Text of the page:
Venezuela's new self-declared president

Is Maduro's dictatorship over?

Although the humanitarian crisis in Venezuela has been ongoing for multiple years, the country has recently been prevalent in the news. Venezuelan’s opposition leader Juan Guaidó has renewed calls for fresh elections, and has claimed Venezuelans have been living under a dictatorship. He has declared himself the interim leader of the country, following protests after Nicolas Maduro began a second term as president earlier this month. UN says over 40 people have died in protests in response to this, which Guaidó called for. Venezuela’s economy has been in freefall for several years with hyperinflation and chronic food shortages, leading to more than 3 million people fleeing the country.

Mr Guaidó has been backed by many countries including the USA, who have declared that they regard him as the country's legitimate president. They have also placed him in control of Venezuela’s US bank accounts, and have taken measures against Maduro. They placed sanctions on the Venezuelan state-owned oil firm PDVSA so Maduro couldn't 'continue to ‘loot the assets of the Venezuelan people' Mr Guiadó says his claim as interim leader is backed up by the constitution, which says that as head of the National Assembly, he is allowed to temporarily assume power when the president is deemed illegitimate. The EU has called for new elections but it is not clear what will happen in Venezuela, and whether Guaidó’s opposition to Maduro will just result in more bloodshed.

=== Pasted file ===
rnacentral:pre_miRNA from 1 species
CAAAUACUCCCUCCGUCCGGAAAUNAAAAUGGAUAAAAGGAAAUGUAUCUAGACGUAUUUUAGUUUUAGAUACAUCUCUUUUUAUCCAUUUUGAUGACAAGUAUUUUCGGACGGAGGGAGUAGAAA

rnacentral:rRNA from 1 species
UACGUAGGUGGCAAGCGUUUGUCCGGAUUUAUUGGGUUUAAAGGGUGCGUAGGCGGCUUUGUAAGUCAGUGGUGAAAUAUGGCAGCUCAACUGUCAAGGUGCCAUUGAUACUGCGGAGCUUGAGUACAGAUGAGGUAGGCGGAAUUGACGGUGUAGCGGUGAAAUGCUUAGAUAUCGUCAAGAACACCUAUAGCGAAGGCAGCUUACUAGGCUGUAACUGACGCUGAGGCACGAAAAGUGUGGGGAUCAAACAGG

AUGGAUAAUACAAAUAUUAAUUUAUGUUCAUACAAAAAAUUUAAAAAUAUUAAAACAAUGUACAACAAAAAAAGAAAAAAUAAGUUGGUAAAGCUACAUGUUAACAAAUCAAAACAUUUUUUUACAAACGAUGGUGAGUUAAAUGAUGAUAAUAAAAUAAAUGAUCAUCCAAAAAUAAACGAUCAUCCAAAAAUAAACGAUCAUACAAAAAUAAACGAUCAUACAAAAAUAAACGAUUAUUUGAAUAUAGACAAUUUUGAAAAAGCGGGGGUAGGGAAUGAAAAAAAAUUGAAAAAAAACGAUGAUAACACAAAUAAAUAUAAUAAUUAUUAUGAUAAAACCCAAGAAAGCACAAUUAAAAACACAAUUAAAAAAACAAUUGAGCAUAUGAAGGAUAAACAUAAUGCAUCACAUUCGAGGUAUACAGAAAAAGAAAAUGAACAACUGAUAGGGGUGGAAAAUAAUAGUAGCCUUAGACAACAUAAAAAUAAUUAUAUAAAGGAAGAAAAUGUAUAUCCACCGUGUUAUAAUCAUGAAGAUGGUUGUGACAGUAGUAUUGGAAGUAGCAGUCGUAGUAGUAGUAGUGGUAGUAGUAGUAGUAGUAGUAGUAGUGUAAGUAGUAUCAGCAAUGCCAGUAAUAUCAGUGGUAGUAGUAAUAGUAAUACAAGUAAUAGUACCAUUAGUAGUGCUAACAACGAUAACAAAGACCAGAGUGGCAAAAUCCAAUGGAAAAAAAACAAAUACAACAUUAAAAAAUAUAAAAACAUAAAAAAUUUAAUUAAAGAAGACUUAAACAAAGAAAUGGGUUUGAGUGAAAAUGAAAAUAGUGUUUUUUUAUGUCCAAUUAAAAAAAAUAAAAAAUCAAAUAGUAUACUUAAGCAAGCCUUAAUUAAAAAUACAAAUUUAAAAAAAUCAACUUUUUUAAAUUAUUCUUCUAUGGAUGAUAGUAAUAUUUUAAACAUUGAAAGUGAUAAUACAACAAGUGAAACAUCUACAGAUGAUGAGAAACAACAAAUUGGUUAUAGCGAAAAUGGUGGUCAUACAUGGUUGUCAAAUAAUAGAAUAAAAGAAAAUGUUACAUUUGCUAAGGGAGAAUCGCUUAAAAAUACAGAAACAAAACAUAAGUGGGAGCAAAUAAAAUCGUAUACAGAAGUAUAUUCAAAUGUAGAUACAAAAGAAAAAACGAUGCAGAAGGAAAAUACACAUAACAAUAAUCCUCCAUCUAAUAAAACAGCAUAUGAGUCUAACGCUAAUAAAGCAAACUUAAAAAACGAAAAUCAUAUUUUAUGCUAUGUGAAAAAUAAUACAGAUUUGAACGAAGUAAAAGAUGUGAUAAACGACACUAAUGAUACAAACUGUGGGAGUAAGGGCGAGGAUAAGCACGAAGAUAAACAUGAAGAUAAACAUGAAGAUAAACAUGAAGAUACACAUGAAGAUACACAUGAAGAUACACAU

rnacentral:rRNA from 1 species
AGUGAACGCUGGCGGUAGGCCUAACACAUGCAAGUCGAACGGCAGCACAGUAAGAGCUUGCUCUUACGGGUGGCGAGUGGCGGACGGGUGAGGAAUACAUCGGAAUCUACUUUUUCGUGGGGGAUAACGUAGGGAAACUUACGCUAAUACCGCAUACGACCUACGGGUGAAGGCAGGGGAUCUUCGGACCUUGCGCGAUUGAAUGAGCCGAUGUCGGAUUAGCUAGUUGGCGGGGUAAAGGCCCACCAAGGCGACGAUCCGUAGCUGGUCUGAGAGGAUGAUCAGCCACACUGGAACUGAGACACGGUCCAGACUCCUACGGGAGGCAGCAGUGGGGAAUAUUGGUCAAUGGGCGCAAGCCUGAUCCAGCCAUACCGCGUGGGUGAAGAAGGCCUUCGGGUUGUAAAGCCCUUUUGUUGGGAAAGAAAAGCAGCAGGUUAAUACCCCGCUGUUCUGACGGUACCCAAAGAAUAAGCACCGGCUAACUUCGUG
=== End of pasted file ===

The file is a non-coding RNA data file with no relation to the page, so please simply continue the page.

Natalia V